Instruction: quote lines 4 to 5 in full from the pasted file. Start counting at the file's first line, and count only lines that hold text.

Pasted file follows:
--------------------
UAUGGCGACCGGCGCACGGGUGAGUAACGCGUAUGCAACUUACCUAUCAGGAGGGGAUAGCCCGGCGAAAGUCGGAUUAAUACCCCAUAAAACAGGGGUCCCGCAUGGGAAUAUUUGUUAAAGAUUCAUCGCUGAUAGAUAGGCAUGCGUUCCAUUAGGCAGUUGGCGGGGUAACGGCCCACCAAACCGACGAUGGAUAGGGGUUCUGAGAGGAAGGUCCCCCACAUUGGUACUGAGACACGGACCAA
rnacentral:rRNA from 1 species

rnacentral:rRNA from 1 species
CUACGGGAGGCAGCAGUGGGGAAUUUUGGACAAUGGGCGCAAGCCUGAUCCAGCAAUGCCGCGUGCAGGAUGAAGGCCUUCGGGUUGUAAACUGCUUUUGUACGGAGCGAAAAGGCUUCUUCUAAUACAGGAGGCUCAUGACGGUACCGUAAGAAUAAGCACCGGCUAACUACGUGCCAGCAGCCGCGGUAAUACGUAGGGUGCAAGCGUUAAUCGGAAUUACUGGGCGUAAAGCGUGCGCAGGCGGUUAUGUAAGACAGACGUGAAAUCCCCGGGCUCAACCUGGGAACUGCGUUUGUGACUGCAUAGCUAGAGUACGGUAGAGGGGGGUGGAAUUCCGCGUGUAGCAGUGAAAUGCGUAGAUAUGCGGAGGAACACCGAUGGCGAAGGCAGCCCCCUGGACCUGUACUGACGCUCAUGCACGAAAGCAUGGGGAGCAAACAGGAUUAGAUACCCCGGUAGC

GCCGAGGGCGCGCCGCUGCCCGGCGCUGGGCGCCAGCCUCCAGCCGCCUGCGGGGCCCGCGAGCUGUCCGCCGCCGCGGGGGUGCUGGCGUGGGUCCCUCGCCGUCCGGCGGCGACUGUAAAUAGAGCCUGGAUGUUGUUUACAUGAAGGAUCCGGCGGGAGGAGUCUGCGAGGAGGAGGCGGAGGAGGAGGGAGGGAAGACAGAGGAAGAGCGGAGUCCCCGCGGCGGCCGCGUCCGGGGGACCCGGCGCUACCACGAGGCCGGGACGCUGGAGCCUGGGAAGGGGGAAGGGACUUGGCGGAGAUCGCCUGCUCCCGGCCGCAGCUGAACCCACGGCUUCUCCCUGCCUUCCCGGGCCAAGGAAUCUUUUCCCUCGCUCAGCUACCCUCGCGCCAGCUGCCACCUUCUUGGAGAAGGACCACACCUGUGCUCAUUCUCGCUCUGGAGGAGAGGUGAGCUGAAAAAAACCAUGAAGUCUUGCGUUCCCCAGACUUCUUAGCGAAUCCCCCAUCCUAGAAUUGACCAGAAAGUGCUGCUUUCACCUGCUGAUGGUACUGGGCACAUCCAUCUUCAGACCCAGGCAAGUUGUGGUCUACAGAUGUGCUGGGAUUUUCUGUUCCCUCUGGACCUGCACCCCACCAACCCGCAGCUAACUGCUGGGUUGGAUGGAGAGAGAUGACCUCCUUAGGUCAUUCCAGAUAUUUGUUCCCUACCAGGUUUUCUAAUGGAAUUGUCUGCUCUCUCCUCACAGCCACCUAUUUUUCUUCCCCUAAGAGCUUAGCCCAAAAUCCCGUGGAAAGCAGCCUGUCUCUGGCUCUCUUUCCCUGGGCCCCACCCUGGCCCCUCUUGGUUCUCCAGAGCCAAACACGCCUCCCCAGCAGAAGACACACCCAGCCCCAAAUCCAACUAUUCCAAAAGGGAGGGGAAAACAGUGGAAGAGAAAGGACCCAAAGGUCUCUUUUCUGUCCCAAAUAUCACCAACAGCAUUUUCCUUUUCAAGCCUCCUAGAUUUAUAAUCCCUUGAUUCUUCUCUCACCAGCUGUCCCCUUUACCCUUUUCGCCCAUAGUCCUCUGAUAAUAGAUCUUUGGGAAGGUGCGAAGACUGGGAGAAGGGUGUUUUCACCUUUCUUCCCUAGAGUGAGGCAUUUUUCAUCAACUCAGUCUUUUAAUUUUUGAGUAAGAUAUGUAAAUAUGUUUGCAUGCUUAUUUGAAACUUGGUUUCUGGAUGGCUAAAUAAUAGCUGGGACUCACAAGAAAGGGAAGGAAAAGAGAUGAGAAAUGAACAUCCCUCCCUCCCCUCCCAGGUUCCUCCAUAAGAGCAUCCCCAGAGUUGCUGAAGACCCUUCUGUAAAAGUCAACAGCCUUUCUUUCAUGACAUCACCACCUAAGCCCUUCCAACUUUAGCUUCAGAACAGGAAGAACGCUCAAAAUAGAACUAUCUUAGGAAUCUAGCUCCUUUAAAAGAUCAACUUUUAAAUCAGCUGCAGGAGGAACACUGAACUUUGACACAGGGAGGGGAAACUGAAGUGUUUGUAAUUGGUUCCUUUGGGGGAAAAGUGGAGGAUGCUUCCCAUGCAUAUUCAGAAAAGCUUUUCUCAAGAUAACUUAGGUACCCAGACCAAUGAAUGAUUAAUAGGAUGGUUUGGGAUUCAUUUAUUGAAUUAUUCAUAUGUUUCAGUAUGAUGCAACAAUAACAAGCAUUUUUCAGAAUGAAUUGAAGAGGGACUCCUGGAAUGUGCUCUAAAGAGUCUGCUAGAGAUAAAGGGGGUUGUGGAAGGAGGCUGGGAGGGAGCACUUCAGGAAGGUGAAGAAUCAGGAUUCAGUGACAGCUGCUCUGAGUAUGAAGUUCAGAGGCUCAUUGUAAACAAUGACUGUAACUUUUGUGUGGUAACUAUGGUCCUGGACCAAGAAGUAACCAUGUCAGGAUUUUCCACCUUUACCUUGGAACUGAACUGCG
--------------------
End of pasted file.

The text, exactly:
CUACGGGAGGCAGCAGUGGGGAAUUUUGGACAAUGGGCGCAAGCCUGAUCCAGCAAUGCCGCGUGCAGGAUGAAGGCCUUCGGGUUGUAAACUGCUUUUGUACGGAGCGAAAAGGCUUCUUCUAAUACAGGAGGCUCAUGACGGUACCGUAAGAAUAAGCACCGGCUAACUACGUGCCAGCAGCCGCGGUAAUACGUAGGGUGCAAGCGUUAAUCGGAAUUACUGGGCGUAAAGCGUGCGCAGGCGGUUAUGUAAGACAGACGUGAAAUCCCCGGGCUCAACCUGGGAACUGCGUUUGUGACUGCAUAGCUAGAGUACGGUAGAGGGGGGUGGAAUUCCGCGUGUAGCAGUGAAAUGCGUAGAUAUGCGGAGGAACACCGAUGGCGAAGGCAGCCCCCUGGACCUGUACUGACGCUCAUGCACGAAAGCAUGGGGAGCAAACAGGAUUAGAUACCCCGGUAGC

GCCGAGGGCGCGCCGCUGCCCGGCGCUGGGCGCCAGCCUCCAGCCGCCUGCGGGGCCCGCGAGCUGUCCGCCGCCGCGGGGGUGCUGGCGUGGGUCCCUCGCCGUCCGGCGGCGACUGUAAAUAGAGCCUGGAUGUUGUUUACAUGAAGGAUCCGGCGGGAGGAGUCUGCGAGGAGGAGGCGGAGGAGGAGGGAGGGAAGACAGAGGAAGAGCGGAGUCCCCGCGGCGGCCGCGUCCGGGGGACCCGGCGCUACCACGAGGCCGGGACGCUGGAGCCUGGGAAGGGGGAAGGGACUUGGCGGAGAUCGCCUGCUCCCGGCCGCAGCUGAACCCACGGCUUCUCCCUGCCUUCCCGGGCCAAGGAAUCUUUUCCCUCGCUCAGCUACCCUCGCGCCAGCUGCCACCUUCUUGGAGAAGGACCACACCUGUGCUCAUUCUCGCUCUGGAGGAGAGGUGAGCUGAAAAAAACCAUGAAGUCUUGCGUUCCCCAGACUUCUUAGCGAAUCCCCCAUCCUAGAAUUGACCAGAAAGUGCUGCUUUCACCUGCUGAUGGUACUGGGCACAUCCAUCUUCAGACCCAGGCAAGUUGUGGUCUACAGAUGUGCUGGGAUUUUCUGUUCCCUCUGGACCUGCACCCCACCAACCCGCAGCUAACUGCUGGGUUGGAUGGAGAGAGAUGACCUCCUUAGGUCAUUCCAGAUAUUUGUUCCCUACCAGGUUUUCUAAUGGAAUUGUCUGCUCUCUCCUCACAGCCACCUAUUUUUCUUCCCCUAAGAGCUUAGCCCAAAAUCCCGUGGAAAGCAGCCUGUCUCUGGCUCUCUUUCCCUGGGCCCCACCCUGGCCCCUCUUGGUUCUCCAGAGCCAAACACGCCUCCCCAGCAGAAGACACACCCAGCCCCAAAUCCAACUAUUCCAAAAGGGAGGGGAAAACAGUGGAAGAGAAAGGACCCAAAGGUCUCUUUUCUGUCCCAAAUAUCACCAACAGCAUUUUCCUUUUCAAGCCUCCUAGAUUUAUAAUCCCUUGAUUCUUCUCUCACCAGCUGUCCCCUUUACCCUUUUCGCCCAUAGUCCUCUGAUAAUAGAUCUUUGGGAAGGUGCGAAGACUGGGAGAAGGGUGUUUUCACCUUUCUUCCCUAGAGUGAGGCAUUUUUCAUCAACUCAGUCUUUUAAUUUUUGAGUAAGAUAUGUAAAUAUGUUUGCAUGCUUAUUUGAAACUUGGUUUCUGGAUGGCUAAAUAAUAGCUGGGACUCACAAGAAAGGGAAGGAAAAGAGAUGAGAAAUGAACAUCCCUCCCUCCCCUCCCAGGUUCCUCCAUAAGAGCAUCCCCAGAGUUGCUGAAGACCCUUCUGUAAAAGUCAACAGCCUUUCUUUCAUGACAUCACCACCUAAGCCCUUCCAACUUUAGCUUCAGAACAGGAAGAACGCUCAAAAUAGAACUAUCUUAGGAAUCUAGCUCCUUUAAAAGAUCAACUUUUAAAUCAGCUGCAGGAGGAACACUGAACUUUGACACAGGGAGGGGAAACUGAAGUGUUUGUAAUUGGUUCCUUUGGGGGAAAAGUGGAGGAUGCUUCCCAUGCAUAUUCAGAAAAGCUUUUCUCAAGAUAACUUAGGUACCCAGACCAAUGAAUGAUUAAUAGGAUGGUUUGGGAUUCAUUUAUUGAAUUAUUCAUAUGUUUCAGUAUGAUGCAACAAUAACAAGCAUUUUUCAGAAUGAAUUGAAGAGGGACUCCUGGAAUGUGCUCUAAAGAGUCUGCUAGAGAUAAAGGGGGUUGUGGAAGGAGGCUGGGAGGGAGCACUUCAGGAAGGUGAAGAAUCAGGAUUCAGUGACAGCUGCUCUGAGUAUGAAGUUCAGAGGCUCAUUGUAAACAAUGACUGUAACUUUUGUGUGGUAACUAUGGUCCUGGACCAAGAAGUAACCAUGUCAGGAUUUUCCACCUUUACCUUGGAACUGAACUGCG